The chaps were being entertained far too much and I think there was a terrible number of sore heads on a lot of mornings. It seemed to me they were enjoying life rather more in Newmarket and had begun to lose sight of the main reason for being there. The AOC outlined all this to me and said it was up to me to sort them out and get them back to being an operational squadron.
‘Wing Commander Wyatt spoke at one of our reunions and more or less repeated the comments in the book. In my view which was shared by many others it was absolute rubbish. We were not “living it up” at Newmarket and the main reason for the move to Mepal was because Newmarket only had grass runways’.
Page 99. Chapter 12 – Mepal. June – September 1943.
Norman Bartlett recalled the time a Lancaster was found right above them over the target:
We were on the bombing run and I was watching for other aircraft when we heard a cry. Looking round, Jack Brewster, our navigator, was pointing upwards, open mouthed, his face all twisted with fright. I looked up and directly above, about 200 feet, was a Lancaster, with bomb doors open, ready to drop a 4000 pound ‘cookie’. It was too late to do anything before the cookie dropped and as it passed us, it turned over and went by in a vertical position rather than horizontal, which probably saved us. Jack heaved a huge sigh of relief — and so did I!
‘Norman Bartlett was our Flight Engineer and Jack Brewster our Navigator at Mepal on Lancasters. As Norman’s comments follows the mention of ‘Stirlings flying under
Lancasters’, readers could be misled into thinking we were in a Stirling when we were nearly hit by a 4,000lb. Cookie. We were in a Lancaster and the other one was either at the wrong height or bombing at the wrong time. I did not see the Cookie as I was in the front of the Aircraft on my stomach looking through my Bomb Sight giving the Pilot instructions ready to bomb’.
Page 151. Chapter 18 – The Last Winter. December 1944 – February 1945.
‘Under the photo of “The Captains Fancy” it states that Alex Simpson flew it on its 101st on the 5th January but it did not complete its 100th until the 29th Jan and also Alex did not take it on its 101st – we did on 2nd Feb’.
Page 152. Chapter 18 – The Last Winter. December 1944 – February 1945.
Alex Simpson recalls an important event at this time:
Squadron Leader Jack Bailey, ‘C’ Flight Commander, usually flew Lanc NE181 ‘M’ for Mike— named ‘The Captain’s Fancy’, which was a dog of an aircraft and I guess understandably so, as it was approaching its 100th operation. When the time came, Jack asked me if I would take ‘Mike’ to Ludwigshaven on the 5th —- the day after my 21st birthday. I protested for I had a very good aircraft of my own, and I had ﬂown ‘Mike’ previously — in December.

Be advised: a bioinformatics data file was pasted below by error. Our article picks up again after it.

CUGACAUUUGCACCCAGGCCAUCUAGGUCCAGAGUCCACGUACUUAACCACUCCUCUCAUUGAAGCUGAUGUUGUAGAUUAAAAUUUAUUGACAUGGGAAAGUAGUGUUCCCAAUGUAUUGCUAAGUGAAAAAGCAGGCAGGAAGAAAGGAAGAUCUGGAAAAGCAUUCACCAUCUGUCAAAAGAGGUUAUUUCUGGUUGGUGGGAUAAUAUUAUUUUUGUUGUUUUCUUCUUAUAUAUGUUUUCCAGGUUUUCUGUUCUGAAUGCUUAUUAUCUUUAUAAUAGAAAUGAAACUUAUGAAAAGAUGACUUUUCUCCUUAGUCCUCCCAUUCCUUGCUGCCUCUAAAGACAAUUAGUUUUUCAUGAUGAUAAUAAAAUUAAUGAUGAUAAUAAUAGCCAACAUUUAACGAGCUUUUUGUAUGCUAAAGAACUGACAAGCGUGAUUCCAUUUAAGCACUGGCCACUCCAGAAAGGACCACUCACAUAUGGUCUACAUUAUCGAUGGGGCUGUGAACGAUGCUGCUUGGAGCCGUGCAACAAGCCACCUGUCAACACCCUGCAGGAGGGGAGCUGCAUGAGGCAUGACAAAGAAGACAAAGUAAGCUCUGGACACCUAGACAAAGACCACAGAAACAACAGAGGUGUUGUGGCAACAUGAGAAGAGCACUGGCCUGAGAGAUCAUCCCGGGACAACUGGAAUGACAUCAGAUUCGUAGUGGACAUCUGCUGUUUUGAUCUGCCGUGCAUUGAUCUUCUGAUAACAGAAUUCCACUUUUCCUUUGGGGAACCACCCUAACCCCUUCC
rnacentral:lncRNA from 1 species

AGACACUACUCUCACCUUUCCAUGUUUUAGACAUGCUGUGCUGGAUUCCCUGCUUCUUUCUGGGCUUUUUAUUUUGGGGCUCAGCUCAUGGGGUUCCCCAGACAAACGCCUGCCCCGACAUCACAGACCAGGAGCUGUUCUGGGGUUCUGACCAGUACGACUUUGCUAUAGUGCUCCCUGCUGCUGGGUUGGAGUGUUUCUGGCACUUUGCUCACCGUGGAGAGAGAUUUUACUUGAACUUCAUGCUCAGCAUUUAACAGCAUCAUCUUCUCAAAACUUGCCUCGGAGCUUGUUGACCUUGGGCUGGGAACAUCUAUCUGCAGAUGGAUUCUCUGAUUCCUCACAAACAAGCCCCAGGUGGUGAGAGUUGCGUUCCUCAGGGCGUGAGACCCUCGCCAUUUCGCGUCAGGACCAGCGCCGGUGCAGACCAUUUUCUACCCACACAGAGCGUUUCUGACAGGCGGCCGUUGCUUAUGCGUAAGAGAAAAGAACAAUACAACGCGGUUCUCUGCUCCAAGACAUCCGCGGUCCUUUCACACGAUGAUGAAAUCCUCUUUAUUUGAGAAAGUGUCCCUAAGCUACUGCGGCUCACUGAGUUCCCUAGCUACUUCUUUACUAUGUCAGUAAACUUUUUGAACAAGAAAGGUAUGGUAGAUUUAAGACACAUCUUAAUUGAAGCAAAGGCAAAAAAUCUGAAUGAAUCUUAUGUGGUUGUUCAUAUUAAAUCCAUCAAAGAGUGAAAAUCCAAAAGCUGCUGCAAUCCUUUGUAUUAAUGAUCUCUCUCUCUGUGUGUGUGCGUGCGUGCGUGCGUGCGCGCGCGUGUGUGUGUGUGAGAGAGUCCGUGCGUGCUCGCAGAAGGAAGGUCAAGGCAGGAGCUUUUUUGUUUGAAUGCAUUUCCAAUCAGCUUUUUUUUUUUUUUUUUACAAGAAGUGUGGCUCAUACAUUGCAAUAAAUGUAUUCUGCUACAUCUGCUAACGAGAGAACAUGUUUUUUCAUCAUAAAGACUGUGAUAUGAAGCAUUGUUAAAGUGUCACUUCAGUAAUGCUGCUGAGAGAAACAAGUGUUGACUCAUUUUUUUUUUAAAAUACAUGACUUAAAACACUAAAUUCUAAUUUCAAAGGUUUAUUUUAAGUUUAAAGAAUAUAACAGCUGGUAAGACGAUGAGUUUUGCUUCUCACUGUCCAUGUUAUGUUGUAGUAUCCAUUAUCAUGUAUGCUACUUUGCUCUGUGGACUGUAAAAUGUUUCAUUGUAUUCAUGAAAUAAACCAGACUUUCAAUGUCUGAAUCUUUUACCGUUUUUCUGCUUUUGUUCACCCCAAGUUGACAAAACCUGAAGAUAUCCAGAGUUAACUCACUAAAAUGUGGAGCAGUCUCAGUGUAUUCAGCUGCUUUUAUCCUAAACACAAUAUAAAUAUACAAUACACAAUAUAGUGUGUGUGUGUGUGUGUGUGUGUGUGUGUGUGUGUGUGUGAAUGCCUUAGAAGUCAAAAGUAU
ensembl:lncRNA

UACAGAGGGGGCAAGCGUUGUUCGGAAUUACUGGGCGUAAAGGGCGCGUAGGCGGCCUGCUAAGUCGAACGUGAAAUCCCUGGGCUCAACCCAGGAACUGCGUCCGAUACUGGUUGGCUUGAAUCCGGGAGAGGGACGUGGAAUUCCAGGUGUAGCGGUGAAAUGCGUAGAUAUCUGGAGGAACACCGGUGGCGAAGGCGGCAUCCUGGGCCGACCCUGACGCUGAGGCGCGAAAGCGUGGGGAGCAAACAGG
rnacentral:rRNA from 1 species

It became apparent that Jack was superstitious about ﬂying ‘Mike’ on its 100th, so in the end I agreed. After the operation, we did an in-depth study of the aircraft’s log book and associated paper work and found to ]ack’s geat surprise that he had already done the 100th — I had in fact done the 101st!
Jack and I tried very hard through Bill Jordan, the NZ High Commissioner in the UK, to get permission to ﬂy ]N—M out of New Zealand on a ﬂag-waving War Bonds tour, as it was then the first NZ aircraft to reach 100 operations, but we never got approval. I delivered ‘Mike’ to Waterbeach on 17th February, and it was later struck off charge on 30th September 1947.
‘The comments made by Alex Simpson regarding Jack Bailey are not a true record of events. I am very annoyed that he implies that Jack was frightened to take the aircraft on its 100th. We were all looking forward to being the crew that did the 100th in an aircraft that we had flown most of our Operations in. Jack was one of the most fearless, dedicated Pilots with the Squagron and as he had died some years before the book was compiled he could not put the record right. I had no knowledge of the contents of the book until I received the final copy after printing. We flew in “The Captains Fancy” to Krefeld for its 100th on the 29th Jan and this is confirmed in the book ‘Lancaster at War – 2′ also in Jack Bailey’s Citation for the Bar to his D.F.C. dated 16.4.45, also in my log book. Fred Woolterton – one of our ground staff – in the photo has also recently confirmed this. We flew it to Wiesbaden on 2nd. Feb for its 101st. and to Wessel on the 16th.Feb for its 102nd. I have an actual Bombing Photo of this last Operation showing Target, Date, Pilot and the Aircraft letter. Apart from Alex’s dates; all being wrong, Jack, as Flight Commander, would not have asked if he would take it but would have simply detailed him………’.
Page 155. Chapter 19 – Victory in Europe. February – May 1945.
A daylight raid on Osterfeld by 21 of the squadron’s aircraft took place on 22 February, ﬂak trying desperately to inﬂict hurt and injury. Flight Sergeant T. Cox had his starboard inner hit by ﬂak, but the ﬂames were put out by cutting the petrol and using the extinguisher. Flying Officer H. Russell’s bomber was also hit, the prop on the port inner and damage to the leading edge of the wing between his two starboard engines giving some moments of concern. Flight Lieutenant Doug Sadgrove had his port outer hit on the bomb run but he continued on, while Warrant Officer E. Ohlson also had an engine knocked out. Flight Lieutenant K. Jones lost an engine on the way out and had to abort.
‘I am surprised that no mention of Jack Bailey or his crew was made for this raid to Osterfeld as we led the Squadron and Jack was awarded the Bar to his D.F.C. for his courage and leadership on this Operation. We were hit in ail engines and had to feather one over the target and ended with 37 holes – no injuries. Despite this I had a very good Bombing Photo at 19.000ft.’.